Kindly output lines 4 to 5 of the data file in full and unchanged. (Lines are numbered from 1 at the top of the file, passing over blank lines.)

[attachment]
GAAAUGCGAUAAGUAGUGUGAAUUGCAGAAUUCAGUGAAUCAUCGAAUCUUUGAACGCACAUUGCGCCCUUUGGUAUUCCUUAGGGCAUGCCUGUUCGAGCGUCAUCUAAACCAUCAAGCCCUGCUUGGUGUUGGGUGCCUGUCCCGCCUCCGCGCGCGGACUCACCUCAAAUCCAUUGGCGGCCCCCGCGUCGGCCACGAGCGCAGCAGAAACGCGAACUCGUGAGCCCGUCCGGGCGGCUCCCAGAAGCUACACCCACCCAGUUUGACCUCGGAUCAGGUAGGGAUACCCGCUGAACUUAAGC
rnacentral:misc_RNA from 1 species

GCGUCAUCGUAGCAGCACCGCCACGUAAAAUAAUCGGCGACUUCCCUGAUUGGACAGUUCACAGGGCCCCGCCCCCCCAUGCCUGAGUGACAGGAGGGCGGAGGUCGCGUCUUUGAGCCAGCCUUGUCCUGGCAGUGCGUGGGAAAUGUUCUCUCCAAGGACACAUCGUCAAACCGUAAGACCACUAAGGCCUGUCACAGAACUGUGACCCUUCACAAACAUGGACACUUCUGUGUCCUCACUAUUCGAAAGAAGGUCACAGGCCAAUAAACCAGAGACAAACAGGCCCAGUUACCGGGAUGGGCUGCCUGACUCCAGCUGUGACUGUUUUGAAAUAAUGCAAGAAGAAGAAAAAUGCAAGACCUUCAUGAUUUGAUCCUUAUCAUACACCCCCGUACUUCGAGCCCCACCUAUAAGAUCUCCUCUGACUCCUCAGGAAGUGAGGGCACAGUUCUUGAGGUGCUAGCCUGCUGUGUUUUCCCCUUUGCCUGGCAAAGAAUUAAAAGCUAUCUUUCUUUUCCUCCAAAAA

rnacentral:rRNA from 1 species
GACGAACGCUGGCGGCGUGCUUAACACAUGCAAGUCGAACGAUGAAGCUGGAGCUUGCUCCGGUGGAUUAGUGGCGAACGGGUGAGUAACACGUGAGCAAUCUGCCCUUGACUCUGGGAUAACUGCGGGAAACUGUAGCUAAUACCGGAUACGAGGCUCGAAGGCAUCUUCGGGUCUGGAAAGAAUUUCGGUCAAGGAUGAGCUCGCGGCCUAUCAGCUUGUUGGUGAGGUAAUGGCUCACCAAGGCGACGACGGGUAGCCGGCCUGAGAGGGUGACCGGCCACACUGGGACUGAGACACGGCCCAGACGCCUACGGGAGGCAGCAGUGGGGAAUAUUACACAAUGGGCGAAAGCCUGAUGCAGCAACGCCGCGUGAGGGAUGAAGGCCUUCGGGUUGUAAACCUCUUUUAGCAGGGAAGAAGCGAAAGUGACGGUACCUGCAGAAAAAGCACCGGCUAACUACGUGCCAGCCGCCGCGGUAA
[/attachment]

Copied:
rnacentral:rRNA from 1 species
GACGAACGCUGGCGGCGUGCUUAACACAUGCAAGUCGAACGAUGAAGCUGGAGCUUGCUCCGGUGGAUUAGUGGCGAACGGGUGAGUAACACGUGAGCAAUCUGCCCUUGACUCUGGGAUAACUGCGGGAAACUGUAGCUAAUACCGGAUACGAGGCUCGAAGGCAUCUUCGGGUCUGGAAAGAAUUUCGGUCAAGGAUGAGCUCGCGGCCUAUCAGCUUGUUGGUGAGGUAAUGGCUCACCAAGGCGACGACGGGUAGCCGGCCUGAGAGGGUGACCGGCCACACUGGGACUGAGACACGGCCCAGACGCCUACGGGAGGCAGCAGUGGGGAAUAUUACACAAUGGGCGAAAGCCUGAUGCAGCAACGCCGCGUGAGGGAUGAAGGCCUUCGGGUUGUAAACCUCUUUUAGCAGGGAAGAAGCGAAAGUGACGGUACCUGCAGAAAAAGCACCGGCUAACUACGUGCCAGCCGCCGCGGUAA